ESA’s Philae wakes from deep-space hibernation, sends stunning images of comet

March 30, 2014 by  
Filed under Solar Energy Tips

Almost exactly 10 years ago, the European Space Agency’s (ESA) Philae lander and Rosetta spaceprobe were launched into space atop an Ariane 5 rocket to rendezvous with Comet 67P Churyumov-Gerasimenko. Now Philae has been awakened from a deep-space slumber and has the comet in its sight. ESA officials say the lander reestablished contact with Earth on March 28, and that it is prepared to begin its mission.

Currently, Philae and its 10 instruments are riding piggy-back on the Rosetta satellite as it approaches its destination. Philae and Rosetta are expected to arrive at the 4-kilometer-wide chunk of ice in August. Rosetta is currently 655 million kilometers from Earth and 3.8 million kilometers from 67P, according to a report by BBC News.

After completing some mapping tasks, Rosetta will release Philae to attach itself to 67P in November, the BBC reports. If all goes well, that is. The mission is challenging to say the least and its success or failure could well have an impact on NASA’s plans to land astronauts on an asteroid.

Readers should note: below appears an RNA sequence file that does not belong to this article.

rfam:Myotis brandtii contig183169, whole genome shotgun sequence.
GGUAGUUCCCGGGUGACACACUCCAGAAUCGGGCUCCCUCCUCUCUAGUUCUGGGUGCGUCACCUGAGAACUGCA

Because the comet is only 4 kilometers across, its gravitational field will be extremely weak. So the plan is to use harpoons and ice screws to tether Philae to the comet’s surface.

The Rosetta probe had traveled so far from Earth that its solar panels could no longer pick up enough of the Sun’s energy to operate its onboard systems. So, engineers decided to shut it down for 31 months.

Now, Rosetta is moving closer to the Sun again and its handlers are switching on its instruments one at a time. Most will be turned back off for awhile while the energy supply is still low.

The satellite’s imaging system Osiris will remain on because it’s needed for plotting 67P’s exact position in space. The ESA has released the first images captured by Osiris.

Comet 67P is what’s known as a “Jupiter class” comet and takes six-and-a-half years to orbit the Sun. By studying the comet, scientists hope to learn more about its inner structure along with its nature and composition.

It should come as no surprise that Philae has its own Twitter account and reportedly is quite chatty about its current status.

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